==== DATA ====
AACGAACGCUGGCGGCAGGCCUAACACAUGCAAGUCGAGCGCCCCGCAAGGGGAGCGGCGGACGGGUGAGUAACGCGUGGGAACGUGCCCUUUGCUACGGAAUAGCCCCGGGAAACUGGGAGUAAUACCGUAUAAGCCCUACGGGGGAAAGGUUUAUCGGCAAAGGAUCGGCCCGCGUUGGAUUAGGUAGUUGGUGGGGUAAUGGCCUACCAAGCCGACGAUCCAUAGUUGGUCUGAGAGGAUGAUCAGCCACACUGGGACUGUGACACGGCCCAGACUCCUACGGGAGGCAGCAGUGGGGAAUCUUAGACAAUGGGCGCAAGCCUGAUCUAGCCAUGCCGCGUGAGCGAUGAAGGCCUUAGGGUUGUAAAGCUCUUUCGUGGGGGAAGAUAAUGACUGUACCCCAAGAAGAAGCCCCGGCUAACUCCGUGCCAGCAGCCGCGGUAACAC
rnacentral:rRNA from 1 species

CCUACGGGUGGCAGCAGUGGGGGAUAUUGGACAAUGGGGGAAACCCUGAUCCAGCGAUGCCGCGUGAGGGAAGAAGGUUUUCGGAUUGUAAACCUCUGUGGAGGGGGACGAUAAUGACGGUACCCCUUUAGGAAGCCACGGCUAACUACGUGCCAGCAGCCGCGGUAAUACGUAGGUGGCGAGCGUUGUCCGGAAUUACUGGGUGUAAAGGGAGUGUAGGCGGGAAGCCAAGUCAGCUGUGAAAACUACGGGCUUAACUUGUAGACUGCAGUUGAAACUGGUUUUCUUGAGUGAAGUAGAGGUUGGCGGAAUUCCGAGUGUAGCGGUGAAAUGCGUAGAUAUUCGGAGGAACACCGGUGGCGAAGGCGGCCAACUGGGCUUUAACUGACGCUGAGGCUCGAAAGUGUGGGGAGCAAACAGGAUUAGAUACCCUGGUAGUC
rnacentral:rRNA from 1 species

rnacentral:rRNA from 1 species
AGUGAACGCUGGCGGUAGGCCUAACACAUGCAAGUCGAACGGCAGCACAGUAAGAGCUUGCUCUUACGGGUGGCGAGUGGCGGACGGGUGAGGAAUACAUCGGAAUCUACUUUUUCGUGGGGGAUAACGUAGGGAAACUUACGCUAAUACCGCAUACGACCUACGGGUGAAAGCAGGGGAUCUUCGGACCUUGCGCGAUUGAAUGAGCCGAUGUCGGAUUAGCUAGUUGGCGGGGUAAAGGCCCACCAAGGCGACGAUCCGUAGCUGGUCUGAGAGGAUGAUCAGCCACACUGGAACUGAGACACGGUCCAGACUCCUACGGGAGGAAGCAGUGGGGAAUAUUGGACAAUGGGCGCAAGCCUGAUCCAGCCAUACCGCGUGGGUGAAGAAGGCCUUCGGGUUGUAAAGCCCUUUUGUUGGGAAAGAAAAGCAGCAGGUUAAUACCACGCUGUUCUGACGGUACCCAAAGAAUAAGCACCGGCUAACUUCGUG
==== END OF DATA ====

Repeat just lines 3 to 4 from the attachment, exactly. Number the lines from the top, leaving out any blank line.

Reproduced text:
CCUACGGGUGGCAGCAGUGGGGGAUAUUGGACAAUGGGGGAAACCCUGAUCCAGCGAUGCCGCGUGAGGGAAGAAGGUUUUCGGAUUGUAAACCUCUGUGGAGGGGGACGAUAAUGACGGUACCCCUUUAGGAAGCCACGGCUAACUACGUGCCAGCAGCCGCGGUAAUACGUAGGUGGCGAGCGUUGUCCGGAAUUACUGGGUGUAAAGGGAGUGUAGGCGGGAAGCCAAGUCAGCUGUGAAAACUACGGGCUUAACUUGUAGACUGCAGUUGAAACUGGUUUUCUUGAGUGAAGUAGAGGUUGGCGGAAUUCCGAGUGUAGCGGUGAAAUGCGUAGAUAUUCGGAGGAACACCGGUGGCGAAGGCGGCCAACUGGGCUUUAACUGACGCUGAGGCUCGAAAGUGUGGGGAGCAAACAGGAUUAGAUACCCUGGUAGUC
rnacentral:rRNA from 1 species